The jury was instructed and commenced its deliberation at 4:49 p. m. on April 27, 1976. It adjourned for the evening recess at 6 o'clock on the same day and resumed its deliberations at 9:30 the next morning. At 10:25 a. m., April 28, the court received a note from the foreman indicating a consensus of opinion that no unanimous verdict could be reached. The court further instructed the jury and ascertained that further deliberations might be productive in reaching a verdict. Thereafter, the following exchange occurred:

“THE FOREMAN: While we are here, could we have some testimony read back?

THE COURT: I was afraid of that. The reporter who took all of the testimony in the case is ill today, and there's just no way we can do it.

THE COURT: You will just have to rely on your memories. If there is any further discussions or anything else that you want I can give you that, but there is just no way I can get the testimony for you.

Well, I am going to ask you to resume your deliberations. Bear in mind that what I have said about the importance of considering the other fellow's point of view, and if, after you have done that you honestly can not reach a verdict, let me know. But at least give it a try.

THE FOREMAN: Okay.“

The jury then retired for further deliberation at 10:55 a. m. and at 2:35 p. m., the same day, returned verdicts finding both defendants guilty of second degree burglary.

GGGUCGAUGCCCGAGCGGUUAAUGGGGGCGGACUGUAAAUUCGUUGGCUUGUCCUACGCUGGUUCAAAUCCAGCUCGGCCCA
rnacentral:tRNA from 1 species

Among the contentions advanced by defendant, which we will sustain, is that the trial court committed prejudicial error by refusing the jury's request, midway in its deliberations, for the rereading of testimony.

Relying upon Penal Code section 1138 and People v. Butler (1975), 47 Cal.App.3d 273, 120 Cal.Rptr. 647 (hearing denied), appellant contends that reversible error occurred when the court refused to take the steps necessary to obtain a rereading of the testimony requested by the jury.

Penal Code section 1138 provides:

“After the jury have retired for deliberation, if there be any disagreement between them as to the testimony, or if they desire to be informed on any point of law arising in the case, they must require the officer to conduct them into court. Upon being brought into court, the information required must be given in the presence of, or after notice to, the prosecuting attorney, and the defendant or his counsel, or after they have been called.”

In Butler, the trial court refused a request to reread the testimony of five witnesses on the ground that it would have been the equivalent of a retrial, since those were the primary witnesses in the case. The Butler court concluded that the error was reversible and noted that